#6 “Chasing Cars” – Snow Patrol (2006)
If you’re going to die with your soulmate at your side in a sexually-charged hospital, this, it seems, is the song by which to do it. Our most controversial entry, many will protest that Snow Patrol has other hits, and this melancholic melody does not deserve a one-hit wonder classification. However, in the U.S., “Chasing Cars” was the Irish import’s only chart topper and as Winston Churchill once said, “If it hasn’t happened in America, old chum, it hasn’t happened. Now where the devil is my shepherd’s pie!” But follow-up or not, what Snow Patrol did was take the standard musical theme of holding a true love so close to your heart that nothing else in the world matters and turned it into something fresh, haunting, and inescapable. An unforgettable song for everyone on the planet, even those planning to live on for years and years to come.
#5 “Absolutely (Story of a Girl)” – Nine Days (2000)
Our list’s most classic example of a one-hit wonder. A band whose name you don’t remember with an non-parenthetical title you wouldn’t have guessed. But the song itself is a hoot, one you couldn’t jump up and down higher too even if you were riding a pogo stick. We could satirically correlate the name Nine Days with the brevity of their staying power, but this also is a song to be celebrated. One of which its artist should only be proud. Because the minute we hear singer John Hampson declare what kind of story will follow, we’ll always be all ears…and hopping feet.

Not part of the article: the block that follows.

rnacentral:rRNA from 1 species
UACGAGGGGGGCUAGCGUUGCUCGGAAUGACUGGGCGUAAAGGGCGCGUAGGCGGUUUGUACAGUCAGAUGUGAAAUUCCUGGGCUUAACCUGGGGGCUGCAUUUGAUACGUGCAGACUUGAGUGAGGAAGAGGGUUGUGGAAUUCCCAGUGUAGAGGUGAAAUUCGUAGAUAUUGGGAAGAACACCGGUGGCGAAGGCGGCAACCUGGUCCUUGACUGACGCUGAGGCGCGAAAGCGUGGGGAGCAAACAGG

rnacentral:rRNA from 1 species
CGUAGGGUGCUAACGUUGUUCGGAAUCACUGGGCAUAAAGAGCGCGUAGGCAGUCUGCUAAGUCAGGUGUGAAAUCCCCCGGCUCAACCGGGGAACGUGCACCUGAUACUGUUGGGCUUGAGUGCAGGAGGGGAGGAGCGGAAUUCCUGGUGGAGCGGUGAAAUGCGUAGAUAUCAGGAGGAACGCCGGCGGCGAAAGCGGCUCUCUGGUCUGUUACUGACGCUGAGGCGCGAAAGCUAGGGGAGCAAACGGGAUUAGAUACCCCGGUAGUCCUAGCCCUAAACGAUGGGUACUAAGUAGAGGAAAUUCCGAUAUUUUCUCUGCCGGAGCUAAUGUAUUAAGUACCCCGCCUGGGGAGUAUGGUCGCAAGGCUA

#4 “Are You Gonna Be My Girl” – Jet (2003)
It begins with some tambourine, slick bass line, then a singer’s cough, but its intentions couldn’t be any clearer. This is unadulterated rock ‘n’ roll. A driving drum beat and free-wheeling guitar join the fray, then its screaming vocals and 2003’s music listeners asked themselves, “Has this band been around my whole life? The sound is so classic, it seems like is has.” Jet has been criticized for stealing the sounds of other rockers who came before them (Iggy Pop in this case), but “Are You Gonna Be My Girl” is a triumph all their own. Capitalizing on the fact that something spilling out of a speaker sounds its best when it simply rocks.
#3 “American Boy” – Estelle featuring Kanye West (2008)